‘Paul, a servant of God and an apostle of Jesus Christ.’ What an introduction! The first sets out that he is God’s servant, entirely occupied at serving and pleasing God. But don’t think this is a place of weakness. The next title shows that Paul has authority – as ‘an apostle of Jesus Christ.’ The letter isn’t just a social letter, bringing Titus up to date with what Paul has been doing. Rather, it is a letter which has authority – the authority of the apostle of Jesus Christ – to command Titus in his role, and also for the churches to obey. It’s like receiving a letter from Revenue and Customs, or a summons to go to court. The letter commands us to do something because it is rooted in the authority of the letter-writer – who represents the Queen. Here, then, Paul, as an apostle, is writing to Titus, his colleague, with the authority of Jesus Christ.

If we look at the rest of verse 1, we see why Paul has authority. Or if you like, why he is an apostle. ‘For the sake of the faith of God’s elect and the knowledge of the truth that is in accordance with godliness, in the hope of eternal life.’ These four major factors are seen throughout the rest of the letter – faith, knowledge of truth, godliness and hope, but the two key features, indeed, the very theme of the entire letter, are the two middle ones. Our knowledge of the truth and our godliness.

As we’ll see in the coming weeks, it’s vital to hold both together – truth and godliness. Or to put it another way, how sound doctrine must lead to sound living. You see, we’re in trouble if we only have one and not the other. To have good works, without a knowledge of the truth may be an attempt to serve God without knowing God. Good works won’t save us – we simply can’t earn God’s favour in this way. But the equal danger is to have a knowledge of the truth without godliness. To believe the right things but then do nothing about it – to go on living how we please. There’s a word for people like that – hypocrites! At the end of chapter 1, Paul says of the false teachers, ‘They profess to know God, but they deny him by their works.’ (1:16) As Paul sets out for Titus, and also for us, what we believe about God must make an impact on how we live. Otherwise, those around us may well wonder what the gospel is really all about.

As well as introducing himself, Paul also introduces God in the letter. Already we’ve seen mention of Him, as Paul is God’s servant, and also in the mention of God’s elect – those whom God has chosen to be part of his family, from all tribes and tongues and nations. But here, Paul gives a glimpse behind the scenes, at the character and purposes of God.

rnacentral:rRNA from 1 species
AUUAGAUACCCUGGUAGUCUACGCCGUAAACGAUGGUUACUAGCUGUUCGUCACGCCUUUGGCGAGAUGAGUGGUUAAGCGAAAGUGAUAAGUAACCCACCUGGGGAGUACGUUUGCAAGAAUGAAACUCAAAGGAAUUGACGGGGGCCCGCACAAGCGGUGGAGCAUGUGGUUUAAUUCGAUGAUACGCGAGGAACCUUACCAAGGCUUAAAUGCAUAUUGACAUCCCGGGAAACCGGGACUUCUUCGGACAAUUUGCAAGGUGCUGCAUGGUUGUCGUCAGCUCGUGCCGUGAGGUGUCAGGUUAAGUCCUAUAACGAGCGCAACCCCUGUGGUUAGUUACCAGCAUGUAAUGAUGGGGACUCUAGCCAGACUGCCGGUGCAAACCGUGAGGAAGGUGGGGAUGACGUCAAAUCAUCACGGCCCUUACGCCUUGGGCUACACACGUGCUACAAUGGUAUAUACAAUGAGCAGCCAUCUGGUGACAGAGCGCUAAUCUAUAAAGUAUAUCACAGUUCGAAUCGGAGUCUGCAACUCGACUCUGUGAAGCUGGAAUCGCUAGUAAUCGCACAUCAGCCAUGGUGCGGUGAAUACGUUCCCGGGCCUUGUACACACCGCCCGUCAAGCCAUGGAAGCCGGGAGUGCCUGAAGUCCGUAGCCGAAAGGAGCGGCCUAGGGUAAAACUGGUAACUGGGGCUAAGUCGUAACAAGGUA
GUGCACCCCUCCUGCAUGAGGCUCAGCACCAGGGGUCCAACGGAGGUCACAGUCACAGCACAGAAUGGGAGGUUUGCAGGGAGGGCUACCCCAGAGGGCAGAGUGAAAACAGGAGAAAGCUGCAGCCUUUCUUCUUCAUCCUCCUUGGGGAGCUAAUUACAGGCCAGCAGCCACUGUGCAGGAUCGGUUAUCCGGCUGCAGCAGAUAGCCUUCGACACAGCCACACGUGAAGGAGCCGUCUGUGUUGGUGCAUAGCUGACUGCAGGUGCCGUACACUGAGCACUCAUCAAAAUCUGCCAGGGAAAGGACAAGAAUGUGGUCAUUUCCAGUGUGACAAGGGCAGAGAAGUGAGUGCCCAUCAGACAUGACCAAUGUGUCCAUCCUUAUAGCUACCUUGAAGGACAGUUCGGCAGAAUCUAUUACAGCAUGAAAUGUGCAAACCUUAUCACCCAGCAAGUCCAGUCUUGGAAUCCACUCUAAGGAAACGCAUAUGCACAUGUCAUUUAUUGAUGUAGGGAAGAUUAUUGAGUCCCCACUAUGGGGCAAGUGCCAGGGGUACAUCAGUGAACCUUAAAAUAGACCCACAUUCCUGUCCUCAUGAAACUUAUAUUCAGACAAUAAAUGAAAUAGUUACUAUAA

Look at verse 2. Do you notice the startling description of God there? ‘God, who never lies.’ This is in contrast to the character of the Cretans (not the cretins!)(1:12), who ‘are always liars.’ So while these residents of Crete may not be able to trust what their neighbours say, they can be confident in God keeping His word. But more than that, not only does God not lie, He has also promised the hope of eternal life ‘before the ages began.’ Before the creation existed, before God said ‘Let there be light’, God had purposed and promised the hope of eternal life for his people. How is this possible, especially since God, who knew us, also knew that we would mess things up? Well, because God is also ‘our Saviour.’ God is the one who has taken the initiative, in sending Jesus to die for us; and in sending the apostles to spread the good news through their preaching.

Finally, we come to Titus himself. Now, obviously within the letter, Titus didn’t need introduced to himself, but here we can see how Paul regards Titus. It is, if you will, Paul introducing Titus to us. So how does Paul describe Titus? ‘My loyal child in the faith we share.’

Titus is part of the family, sharing the faith with Paul. And just as sons worked with their fathers to learn the family business, so Titus is in the work of the gospel, as if he is Paul’s son. This gospel, this good news, brings to the believer grace and peace from God the Father and Christ Jesus our Saviour.

Before we get to the pressing need; before we come to the things demanded of us; this morning we revel in the blessings God has given - the hope of eternal life - which is certain because God doesn’t lie; and because God is our Saviour. If we get these things straight in our mind, everything will flow from it. God is trustworthy. His word is sure. If we really do believe this, then all things are possible.

This sermon was preached in Aghavea Parish Church on Sunday 4th May 2014.